George Jackson

129 Barrie Street

Construction of the house located mid-block at 129 Barrie St. (and six others) was begun in 1912 by Lieutenant George Stoddart. When Stoddart went overseas during WWI, the project was completed by builder Art Saint. This house was built in the Edwardian Classicism style. Mr. Moore, who ran a store on the north side of Holland St., moved to this house from John Street. It was eventually bought and sold in the 1990’s by Murray Quinn and family.
The two-storey house has a bell-cast, hip roof. A square plan and simple form are highlighted with a large, classically-inspired porch. The hip roof on the entrance porch is supported by painted wooden columns and simple, rounded bracket supports. Simple, double-hung windows are balanced within the façade. The dormer window mimics the roof line of the main house. Construction is solid, smooth brick with simple details. According to the 2000 inventory, the screening (added later to enclose the porch) does not detract from the building’s appearance. It also notes that the house is well-maintained. (1, 2, 3)

George Jackson

135 Barrie Street - The Fred C. Cook House

The Fred C. Cook House is located mid-block on the east side at 135 Barrie Street. The house was built in the Arts and Crafts style around 1925 by Art Saint. It is believed that this lot was originally owned by Fred Stoddart. This was the home of Fred Cook and Leona (Miller) until they died after WWII. The house was later bought and remodeled by Gary and Rosemary Woodcock. He had a plumbing and heating business. Their son Gary Paul was a business partner.
The 1½-storey ‘bungalow’ has a simple form, an asymmetrical façade, and a rectilinear plan. A broad, steeply-pitched, bell-cast roof extends down to reduce the scale of the building. The covered, raised porch is entered from the side. The roof, horizontal siding, and a wide band of windows across the front of the porch emphasize the horizontal lines and massing of the style. Multiple, double-hung windows are set into wide, rectangular openings with high floor to ceiling heights on the ground floor. Smaller, second-storey windows are offset from the ground-floor windows and set into a gable and dormers. The lintels and lug sills are made of precast concrete. There is a parged, concrete foundation and wood frame construction with masonry cladding and vinyl siding. The original siding would have been wood. According to the 2000 inventory, the house is in excellent condition and the original features have been maintained well. It also notes that although the porch was enclosed sometime after the original construction, it is in keeping with the original design intent. (1, 2, 3)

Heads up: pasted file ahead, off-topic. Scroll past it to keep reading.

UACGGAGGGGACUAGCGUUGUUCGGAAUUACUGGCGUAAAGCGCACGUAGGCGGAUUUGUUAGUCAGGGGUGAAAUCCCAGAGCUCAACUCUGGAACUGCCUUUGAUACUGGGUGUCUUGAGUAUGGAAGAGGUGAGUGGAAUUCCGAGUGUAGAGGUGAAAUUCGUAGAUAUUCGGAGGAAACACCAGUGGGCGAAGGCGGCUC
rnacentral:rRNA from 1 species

George Jackson

136 Barrie Street

The house located at 136 Barrie St. was once owned by Dr. F.C. Stevenson. It was enlarged to become a nursing home (possibly TLC) after 1945 (1950?). (1)

George Jackson

143 Barrie Street

This is the front view of the house located mid-block on the east side at 143 Barrie Street. It was the last house built by Art, Tom and Len Saint after WWI. The building was constructed in 1925 in the Arts and Crafts style. It became the home of many people, including Erv Hill and his wife. He worked for Dennis Nolan and was a noted (Ford) mechanic. Harold Seaurow and his wife (who came from Grand Valley) later bought and moved into this house. Harold was a car salesman and a partner with Wink Crake for a while. He then went with Jim (Catania) and Brad Walker.
The 1½-storey ‘bungalow’ has an asymmetrical façade and a rectilinear plan. A broad, medium-pitched, gabled hip roof extends down to reduce the scale of the building. The slightly-raised porch is entered from the front. The roof, horizontal siding, and a wide band of windows across the front of the porch emphasize the horizontal lines and massing of the style. There are wide window openings with low floor to ceiling heights. Multiple, double-hung windows are set into wide segmented, arched openings with 1/1 panes, lug sills of precast concrete, and brick voussoirs at the arches. The smaller, second-storey windows are offset from the ground floor windows. They are set into a gable and dormers and have plain, wood sills and trim. A bay window projects out from the south wall and has no foundation. The house has wood frame construction with masonry cladding, vinyl siding and a painted, concrete foundation. The original siding would have been wood. According to the 2000 inventory, the house is in good condition with many original features that have been maintained well. It also notes that the windows, shutters, and porch railing are not original. (1, 2, 3)

George Jackson